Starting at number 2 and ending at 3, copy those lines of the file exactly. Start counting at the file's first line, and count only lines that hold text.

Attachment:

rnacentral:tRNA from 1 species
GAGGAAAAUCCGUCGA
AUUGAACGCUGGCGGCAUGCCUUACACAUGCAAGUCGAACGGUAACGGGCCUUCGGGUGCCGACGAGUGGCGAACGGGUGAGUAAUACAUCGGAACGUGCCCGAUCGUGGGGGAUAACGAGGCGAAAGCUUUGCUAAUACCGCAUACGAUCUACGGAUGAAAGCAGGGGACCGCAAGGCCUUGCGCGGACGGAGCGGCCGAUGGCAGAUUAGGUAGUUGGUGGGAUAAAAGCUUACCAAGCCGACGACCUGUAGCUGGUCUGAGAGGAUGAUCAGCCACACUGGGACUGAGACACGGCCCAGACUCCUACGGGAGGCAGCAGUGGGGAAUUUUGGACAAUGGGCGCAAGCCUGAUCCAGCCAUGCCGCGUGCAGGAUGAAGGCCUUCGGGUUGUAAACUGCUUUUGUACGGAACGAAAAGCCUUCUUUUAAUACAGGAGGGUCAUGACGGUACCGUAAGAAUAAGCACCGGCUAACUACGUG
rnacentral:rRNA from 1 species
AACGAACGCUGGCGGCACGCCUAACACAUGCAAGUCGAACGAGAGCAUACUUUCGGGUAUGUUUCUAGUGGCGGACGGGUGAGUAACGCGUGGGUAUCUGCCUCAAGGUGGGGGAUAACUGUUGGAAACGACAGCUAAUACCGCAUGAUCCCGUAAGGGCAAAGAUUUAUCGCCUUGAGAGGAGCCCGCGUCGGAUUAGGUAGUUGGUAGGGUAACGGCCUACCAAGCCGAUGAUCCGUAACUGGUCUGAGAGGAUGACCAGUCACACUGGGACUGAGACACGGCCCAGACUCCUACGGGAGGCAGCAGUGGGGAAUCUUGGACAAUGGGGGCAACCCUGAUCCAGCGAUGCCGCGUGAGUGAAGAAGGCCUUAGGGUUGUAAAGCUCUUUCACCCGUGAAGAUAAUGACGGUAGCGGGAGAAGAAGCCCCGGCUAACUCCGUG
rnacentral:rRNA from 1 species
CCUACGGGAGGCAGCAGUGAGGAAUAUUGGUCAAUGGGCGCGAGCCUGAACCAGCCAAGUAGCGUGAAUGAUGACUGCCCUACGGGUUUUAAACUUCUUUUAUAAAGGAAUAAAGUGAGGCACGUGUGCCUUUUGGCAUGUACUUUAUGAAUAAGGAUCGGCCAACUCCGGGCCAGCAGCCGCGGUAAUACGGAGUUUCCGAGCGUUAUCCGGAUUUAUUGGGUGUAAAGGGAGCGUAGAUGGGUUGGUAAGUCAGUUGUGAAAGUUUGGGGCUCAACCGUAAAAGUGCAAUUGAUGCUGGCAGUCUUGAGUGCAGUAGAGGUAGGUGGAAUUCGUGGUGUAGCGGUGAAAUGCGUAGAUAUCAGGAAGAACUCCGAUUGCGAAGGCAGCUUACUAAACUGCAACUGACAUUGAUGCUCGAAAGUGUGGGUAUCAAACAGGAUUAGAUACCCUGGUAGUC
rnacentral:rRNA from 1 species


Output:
GAGGAAAAUCCGUCGA
AUUGAACGCUGGCGGCAUGCCUUACACAUGCAAGUCGAACGGUAACGGGCCUUCGGGUGCCGACGAGUGGCGAACGGGUGAGUAAUACAUCGGAACGUGCCCGAUCGUGGGGGAUAACGAGGCGAAAGCUUUGCUAAUACCGCAUACGAUCUACGGAUGAAAGCAGGGGACCGCAAGGCCUUGCGCGGACGGAGCGGCCGAUGGCAGAUUAGGUAGUUGGUGGGAUAAAAGCUUACCAAGCCGACGACCUGUAGCUGGUCUGAGAGGAUGAUCAGCCACACUGGGACUGAGACACGGCCCAGACUCCUACGGGAGGCAGCAGUGGGGAAUUUUGGACAAUGGGCGCAAGCCUGAUCCAGCCAUGCCGCGUGCAGGAUGAAGGCCUUCGGGUUGUAAACUGCUUUUGUACGGAACGAAAAGCCUUCUUUUAAUACAGGAGGGUCAUGACGGUACCGUAAGAAUAAGCACCGGCUAACUACGUG